Sarah Palin’s Defamation Suit Against New York Times Is Reinstated

Sarah Palin’s defamation lawsuit against The New York Times Company was reinstated by a federal appellate court on Tuesday, with a three-judge panel ruling that a District Court judge was wrong to dismiss it two years ago.

The case involves an editorial The New York Times published in June 2017. Ms. Palin, the former vice presidential candidate, argued in her lawsuit that the editorial had incorrectly linked her to a 2011 mass shooting in which Gabrielle Giffords, then a congresswoman from Arizona, was severely wounded. Ms. Palin’s political action committee had previously circulated a map of electoral districts, some with cross hairs on them, and she said The Times had connected the map to the shooting despite knowing that tie to be false.

The Times later issued a correction, saying there was no link between that political rhetoric and the shooting.

In August, Judge Jed S. Rakoff of Federal District Court in Manhattan dismissed the suit after an unusual evidentiary hearing in which James Bennet, the editor of the Times editorial page, testified. He said he had not intended to blame Ms. Palin for the shooting of Ms. Giffords, but rather to make a broader statement about the country’s heated political environment. Mr. Bennet inserted the statements that Ms. Palin said were defamatory during the editing process.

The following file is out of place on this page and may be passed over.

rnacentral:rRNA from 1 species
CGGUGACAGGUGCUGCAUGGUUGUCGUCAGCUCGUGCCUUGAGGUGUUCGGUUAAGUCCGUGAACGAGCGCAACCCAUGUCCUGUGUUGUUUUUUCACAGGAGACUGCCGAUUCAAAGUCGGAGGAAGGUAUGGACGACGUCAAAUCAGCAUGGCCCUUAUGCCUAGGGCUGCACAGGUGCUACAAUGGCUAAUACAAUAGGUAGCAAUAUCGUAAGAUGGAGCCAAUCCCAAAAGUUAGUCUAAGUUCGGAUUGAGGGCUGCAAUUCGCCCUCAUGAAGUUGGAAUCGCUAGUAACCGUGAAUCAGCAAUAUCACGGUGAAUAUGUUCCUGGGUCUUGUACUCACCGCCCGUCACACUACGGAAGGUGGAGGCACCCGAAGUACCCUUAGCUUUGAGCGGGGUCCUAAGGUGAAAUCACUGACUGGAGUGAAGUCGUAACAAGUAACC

On Tuesday, a three-judge panel of the United States Court of Appeals for the Second Circuit ruled that it was not for a judge to determine whether Mr. Bennet had acted out of “actual malice,” meaning that he either knew that what he wrote was false or that he acted with “reckless disregard.” The judges said that in light of Mr. Bennet’s testimony, Ms. Palin’s case remained “plausible.”

“This is — and has always been — a case about media accountability,” Libby Locke and Ken Turkel, lawyers for Ms. Palin, said in a statement on Tuesday. “We are pleased with the court’s decision, and we look forward to starting discovery and ultimately proceeding to trial.”

Eileen Murphy, a spokeswoman for The Times, said, “We are disappointed in the decision and intend to continue to defend the action vigorously.”

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